The primary goal of this partnership is to provide robust and reliable 4G coverage to rural communities in the vicinity of these historic churches.
The first phase of the project has already been completed, with the installation of the new mobile technology at two churches: the Blessed Virgin Mary in Brompton Regis, Somerset, and St Michael & All Angels in Ewyas Harold, Herefordshire.
Following the successful launch of these sites, nine more locations are set to be activated in the coming months:
- St Mary, Elsing, Norfolk
- St Mary and St Bartholomew, Cranborne, Dorset
- St Thomas of Canterbury, Thorverton, Devon
- St Cyr and Julitta, Newton St Cyres, Devon
- St Mary the Virgin, Martham, Norfolk
- All Saints, Broad Chalke, Wiltshire
- St Nicolas, Elmdon, Essex
- All Saints, Croxton, Norfolk
- St Michael and All Angels, Whitwell, Norfolk
Churches have been identified as strategic sites for improving mobile coverage due to their central and elevated positions within communities. Such locations offer an ideal vantage point to distribute signals efficiently, particularly in areas that have historically struggled with quality mobile coverage.
Andrea Dona, Network and Development Director at Vodafone UK, said:
“Churches are typically very tall, on high ground and close to the community we’re trying to connect. This makes them the perfect place to install a mobile site, and now we’ve developed technology that’s small enough not to spoil the appearance of the church.
Our aim is to use this cutting-edge technology to improve mobile coverage in as many rural locations as possible. This is an important step in ensuring rural communities can enjoy all the benefits of mobile connectivity.”
The key innovation that made this project possible is the use of OpenRAN technology, a radio access network system that enables collaboration between cellular network equipment from different vendors.
Net CS has designed the church installations using a neutral host format, allowing them to be connected to multiple network operators, maximising the benefit to the local communities.
The company has demonstrated its expertise in deploying coverage in church environments, ensuring the preservation of heritage assets like ancient church buildings. Their in-depth knowledge in this area has been crucial in the successful implementation of the project.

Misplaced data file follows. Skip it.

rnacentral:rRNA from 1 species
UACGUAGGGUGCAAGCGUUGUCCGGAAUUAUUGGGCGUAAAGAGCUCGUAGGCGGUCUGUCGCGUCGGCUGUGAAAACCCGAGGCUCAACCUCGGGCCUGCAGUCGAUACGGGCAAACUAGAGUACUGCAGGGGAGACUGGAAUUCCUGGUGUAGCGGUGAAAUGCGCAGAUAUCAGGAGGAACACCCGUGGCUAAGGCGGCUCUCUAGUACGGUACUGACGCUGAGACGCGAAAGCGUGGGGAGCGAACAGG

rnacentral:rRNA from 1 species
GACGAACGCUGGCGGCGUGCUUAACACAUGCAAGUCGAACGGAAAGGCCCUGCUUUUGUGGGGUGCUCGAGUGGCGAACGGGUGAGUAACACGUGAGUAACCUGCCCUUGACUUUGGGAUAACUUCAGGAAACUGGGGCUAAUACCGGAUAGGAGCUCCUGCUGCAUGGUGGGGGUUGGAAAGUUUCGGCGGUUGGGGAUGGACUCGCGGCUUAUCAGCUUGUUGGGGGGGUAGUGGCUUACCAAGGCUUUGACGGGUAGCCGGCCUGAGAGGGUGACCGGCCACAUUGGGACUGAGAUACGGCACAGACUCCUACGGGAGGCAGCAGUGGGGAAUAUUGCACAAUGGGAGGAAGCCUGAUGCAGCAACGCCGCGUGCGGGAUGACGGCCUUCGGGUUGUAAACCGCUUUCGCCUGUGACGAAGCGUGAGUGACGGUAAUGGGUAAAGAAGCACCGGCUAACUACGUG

Vodafone’s commitment to OpenRAN deployment is part of its broader effort to improve both 5G and 4G mobile coverage throughout the UK and bridge the digital divide. By partnering with Net CS and leveraging the OpenRAN technology, Vodafone aims to extend its mobile coverage to remote rural locations where connectivity has been a longstanding challenge.
Alan Smith, Bishop of St Albans, commented:
“This project is an example of the many ways churches benefit their local communities. As well as delivering better mobile coverage, the improved connectivity achieved through these new church-based sites helps combat the social justice issue of poor connectivity which affects many residents in rural areas.
The key consideration for us has always been the wishes of local communities, who have been widely supportive of these new sites. Net CS, our infrastructure facilitator, ensures that the new installations are unobtrusive, safe for our congregations and the wider community, and will deliver benefits to church users and the whole community.”
According to Peter Morrell-Brown, Chairman of Net CS, this project is just the beginning of a broader effort to utilise churches as key elements in the nationwide solution to mobile coverage gaps.
The infrastructure put in place by Net CS is open for use by any operator, offering a potential resolution to a significant portion of the UK’s mobile coverage challenges.
By combining innovative OpenRAN technology with strategic church locations, the initiative seeks to deliver better connectivity, bridge the digital divide, and create a stronger, more connected society for all.
See also: Vodafone and Three announce UK merger
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